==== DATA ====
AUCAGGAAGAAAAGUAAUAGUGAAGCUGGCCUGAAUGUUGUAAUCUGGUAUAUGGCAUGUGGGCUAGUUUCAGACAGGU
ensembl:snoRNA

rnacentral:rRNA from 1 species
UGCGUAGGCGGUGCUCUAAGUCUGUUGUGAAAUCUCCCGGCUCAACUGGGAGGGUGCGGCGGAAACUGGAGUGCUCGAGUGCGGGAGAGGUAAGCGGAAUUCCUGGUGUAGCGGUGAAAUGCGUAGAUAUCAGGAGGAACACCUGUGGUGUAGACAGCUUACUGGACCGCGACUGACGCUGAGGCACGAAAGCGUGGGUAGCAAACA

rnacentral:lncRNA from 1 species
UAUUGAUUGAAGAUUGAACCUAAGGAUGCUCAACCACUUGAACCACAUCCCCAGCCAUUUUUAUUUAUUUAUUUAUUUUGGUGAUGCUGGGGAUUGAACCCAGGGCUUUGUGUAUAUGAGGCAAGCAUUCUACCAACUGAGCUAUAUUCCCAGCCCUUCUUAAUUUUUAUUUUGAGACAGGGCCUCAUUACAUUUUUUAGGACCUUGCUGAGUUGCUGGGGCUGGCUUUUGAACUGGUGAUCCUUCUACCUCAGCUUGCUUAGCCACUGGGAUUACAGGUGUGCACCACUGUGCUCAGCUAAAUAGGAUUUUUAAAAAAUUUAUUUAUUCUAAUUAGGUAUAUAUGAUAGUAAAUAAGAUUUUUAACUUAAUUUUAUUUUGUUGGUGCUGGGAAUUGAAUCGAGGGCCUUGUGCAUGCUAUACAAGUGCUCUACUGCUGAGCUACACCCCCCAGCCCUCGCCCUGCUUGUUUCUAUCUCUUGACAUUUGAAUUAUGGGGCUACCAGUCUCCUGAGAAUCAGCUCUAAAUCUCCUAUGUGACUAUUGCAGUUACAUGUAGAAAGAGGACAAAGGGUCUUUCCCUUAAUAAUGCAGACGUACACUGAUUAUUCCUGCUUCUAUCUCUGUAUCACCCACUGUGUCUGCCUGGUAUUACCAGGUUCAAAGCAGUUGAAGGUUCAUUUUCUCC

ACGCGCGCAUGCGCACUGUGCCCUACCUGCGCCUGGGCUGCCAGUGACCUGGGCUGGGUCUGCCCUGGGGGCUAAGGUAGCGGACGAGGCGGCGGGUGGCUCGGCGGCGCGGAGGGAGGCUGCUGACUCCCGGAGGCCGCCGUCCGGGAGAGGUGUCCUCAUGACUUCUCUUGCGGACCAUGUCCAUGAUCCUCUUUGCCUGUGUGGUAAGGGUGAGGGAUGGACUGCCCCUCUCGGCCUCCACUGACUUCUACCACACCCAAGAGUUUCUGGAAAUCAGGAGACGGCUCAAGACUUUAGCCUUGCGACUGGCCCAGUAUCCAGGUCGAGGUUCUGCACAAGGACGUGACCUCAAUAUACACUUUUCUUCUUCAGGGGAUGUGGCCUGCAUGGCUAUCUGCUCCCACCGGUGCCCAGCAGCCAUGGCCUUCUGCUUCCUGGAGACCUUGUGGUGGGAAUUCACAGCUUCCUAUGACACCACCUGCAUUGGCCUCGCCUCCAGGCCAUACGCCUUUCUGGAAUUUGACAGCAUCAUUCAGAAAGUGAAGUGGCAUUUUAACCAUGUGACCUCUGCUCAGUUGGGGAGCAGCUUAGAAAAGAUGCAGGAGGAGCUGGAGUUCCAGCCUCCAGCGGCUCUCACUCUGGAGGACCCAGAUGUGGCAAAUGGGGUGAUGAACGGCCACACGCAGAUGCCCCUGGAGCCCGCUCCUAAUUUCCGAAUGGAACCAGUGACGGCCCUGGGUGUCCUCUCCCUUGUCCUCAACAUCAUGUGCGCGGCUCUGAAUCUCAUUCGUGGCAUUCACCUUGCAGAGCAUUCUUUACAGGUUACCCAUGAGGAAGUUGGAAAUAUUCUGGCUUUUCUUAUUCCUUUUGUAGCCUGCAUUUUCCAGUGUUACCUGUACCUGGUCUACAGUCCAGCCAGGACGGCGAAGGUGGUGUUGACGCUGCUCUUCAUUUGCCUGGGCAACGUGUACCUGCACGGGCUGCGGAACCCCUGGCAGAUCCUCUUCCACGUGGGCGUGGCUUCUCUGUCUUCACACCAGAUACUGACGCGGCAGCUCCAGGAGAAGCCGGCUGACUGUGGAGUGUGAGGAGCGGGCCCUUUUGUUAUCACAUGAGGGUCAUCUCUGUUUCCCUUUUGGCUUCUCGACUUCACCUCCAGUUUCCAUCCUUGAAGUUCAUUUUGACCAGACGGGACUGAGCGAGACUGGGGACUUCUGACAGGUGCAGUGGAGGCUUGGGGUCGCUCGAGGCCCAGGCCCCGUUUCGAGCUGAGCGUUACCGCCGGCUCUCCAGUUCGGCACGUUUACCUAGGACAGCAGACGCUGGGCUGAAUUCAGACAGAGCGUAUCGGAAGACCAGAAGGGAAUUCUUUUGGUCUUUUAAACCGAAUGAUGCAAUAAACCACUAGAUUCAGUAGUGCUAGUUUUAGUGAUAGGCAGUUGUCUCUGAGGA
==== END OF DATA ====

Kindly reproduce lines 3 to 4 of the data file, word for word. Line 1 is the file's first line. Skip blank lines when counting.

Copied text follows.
rnacentral:rRNA from 1 species
UGCGUAGGCGGUGCUCUAAGUCUGUUGUGAAAUCUCCCGGCUCAACUGGGAGGGUGCGGCGGAAACUGGAGUGCUCGAGUGCGGGAGAGGUAAGCGGAAUUCCUGGUGUAGCGGUGAAAUGCGUAGAUAUCAGGAGGAACACCUGUGGUGUAGACAGCUUACUGGACCGCGACUGACGCUGAGGCACGAAAGCGUGGGUAGCAAACA